FSA Introduces Disclosure Regime for Short Positions
The Financial Services Authority (FSA) is pushing through a new disclosure requirement requiring all short-sellers to disclose net short positions in the shares of a company involved in a rights issue if the short is 0.25% or more of the market value of the company. This emergency measure appears to be an attempt to support UK banks’ rights issues following severe volatility in the share prices, for which the FSA holds short-selling responsible. For example, during the recent HBOS rights issue priced at 275p, the company’s share price fell 14% to 258p—less than the offer price.
The new short selling disclosure rule was announced on 13 June 2008 without any prior consultation and comes into force a week later on Friday, 20 June 2008.
The rule amends the Market Conduct sourcebook by inventing a new category of behaviour amounting to market abuse; namely:
Failure by a person to give adequate disclosure that he has reached or exceeded a disclosable short position where:
(i) that position relates, directly or indirectly, to securities which are the subject of a rights issue; and
(ii) the disclosable short position is reached or exceeded during a rights issue period;
is behaviour that, in the opinion of the FSAG, is market abuse (misleading behaviour).
These obligations fall on the holder of a disclosable short position in relation to holdings after the relevant company has issued a formal notice via a Regulatory Information Service (RIS) of its intention to carry out a rights issue.
A disclosable short position covers any instrument which gives the holder a direct or indirect exposure to the shares of a company, including cash settled shares, CFDs, options (including those that cannot be exercised during the rights issue period) and other derivative instruments, of 0.25% of the issued capital of a company. Holdings in a company as part of a basket or index should be disregarded.
Adequate disclosure means disclosure by RIS announcement no later than 3.30 PM on the business day following the date on which the disclosable short position (0.25%) is reached or exceeded.
The RIS announcement must include the following information:
- Name of the person that has the disclosable short position;
- The disclosable short position;
- The name of the issuer of the qualifying instruments.
The disclosure requirement relates to companies whose shares are admitted to trading on a prescribed market (a market operated under the rules of a Regulated Investment Exchange or the Plus market). Although the use of pre-emptive methods of capital raising are more common in the UK, the disclosure rules will apply in the same way to companies constituted outside the UK.
Disclosure should be made on a net basis, to account for long positions in the company. However long positions in the rights under the rights issue and borrowed shares in the company cannot be used to net against short positions. Only the aggregate net short position is required to be disclosed; a break down of the individual underlying positions is not required, nor is a breakdown of the underlying components (i.e., shares, options etc.).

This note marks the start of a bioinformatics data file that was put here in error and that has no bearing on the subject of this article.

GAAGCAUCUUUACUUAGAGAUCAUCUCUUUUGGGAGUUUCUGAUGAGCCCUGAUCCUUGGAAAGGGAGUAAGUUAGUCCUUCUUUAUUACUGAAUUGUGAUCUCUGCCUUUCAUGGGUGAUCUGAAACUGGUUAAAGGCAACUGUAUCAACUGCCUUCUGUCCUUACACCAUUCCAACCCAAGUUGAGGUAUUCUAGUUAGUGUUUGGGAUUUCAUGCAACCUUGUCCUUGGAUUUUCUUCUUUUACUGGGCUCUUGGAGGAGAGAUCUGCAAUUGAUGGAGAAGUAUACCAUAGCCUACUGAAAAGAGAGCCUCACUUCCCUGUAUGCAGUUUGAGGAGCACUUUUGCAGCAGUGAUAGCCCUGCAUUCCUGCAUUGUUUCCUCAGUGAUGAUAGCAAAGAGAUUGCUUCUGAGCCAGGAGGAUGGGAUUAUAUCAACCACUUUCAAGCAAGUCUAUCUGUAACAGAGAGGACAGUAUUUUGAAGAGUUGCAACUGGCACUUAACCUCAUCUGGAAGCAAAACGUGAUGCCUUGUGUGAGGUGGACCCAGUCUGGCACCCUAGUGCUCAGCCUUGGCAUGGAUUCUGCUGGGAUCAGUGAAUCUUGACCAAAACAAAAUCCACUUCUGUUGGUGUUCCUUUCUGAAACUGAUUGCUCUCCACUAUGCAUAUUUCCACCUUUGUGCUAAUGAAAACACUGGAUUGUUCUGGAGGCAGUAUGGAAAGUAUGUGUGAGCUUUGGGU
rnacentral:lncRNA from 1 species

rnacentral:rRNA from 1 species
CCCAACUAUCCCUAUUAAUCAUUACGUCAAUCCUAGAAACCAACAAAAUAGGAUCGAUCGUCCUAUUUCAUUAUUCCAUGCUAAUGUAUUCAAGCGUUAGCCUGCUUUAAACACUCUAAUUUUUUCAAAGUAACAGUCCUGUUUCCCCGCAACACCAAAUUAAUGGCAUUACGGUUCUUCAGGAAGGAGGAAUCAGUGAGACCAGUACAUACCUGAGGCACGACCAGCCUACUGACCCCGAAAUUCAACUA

If a short position of 0.25% is reached or exceeded, but is unwound before midnight on the same day, there will be no disclosure obligation.
The only exemption to the disclosure obligation is in relation to the holdings of market makers.
Where an asset manager holds short positions for discretionary clients, the obligation will be on the manager to make a disclosure. However, in the case of non-discretionary clients, the obligation will fall on the individual client. Asset managers mandated to manage more than one fund should aggregate the positions of all their discretionary funds for the purpose of determining whether they have a disclosable short position.
Although the FSA’s actions have pleased listed companies trying to prop up their share prices, it has met with some incredulity among other market participants. The lack of any discussion or lead time marks a significant departure from the FSA’s normal practice when introducing a significant new rule.
The requirement to publish the identity of the short seller seems verging on the punitive; while the categorisation of a failure to disclose as market abuse does not fit easily with the existing market abuse regime or the FSA’s principles-based approach to regulation.
The requirements may have a particular impact on some of the larger hedge funds that often underwrite or sub-underwrite rights issues and hedge their positions by short selling. These funds are unlikely to want to hold exposed positions on shares and this may lead to a reduction in liquidity in the underwriting market. Insurance and investment firms that lend their shares to short sellers may also find this source of income reduced as a result of the market’s reaction to the new disclosure requirements.
This update was written by Dick Frase (+44 20 7184 7692; email@example.com) and Michael Harwood-Smith (+44 20 7184 7869; firstname.lastname@example.org).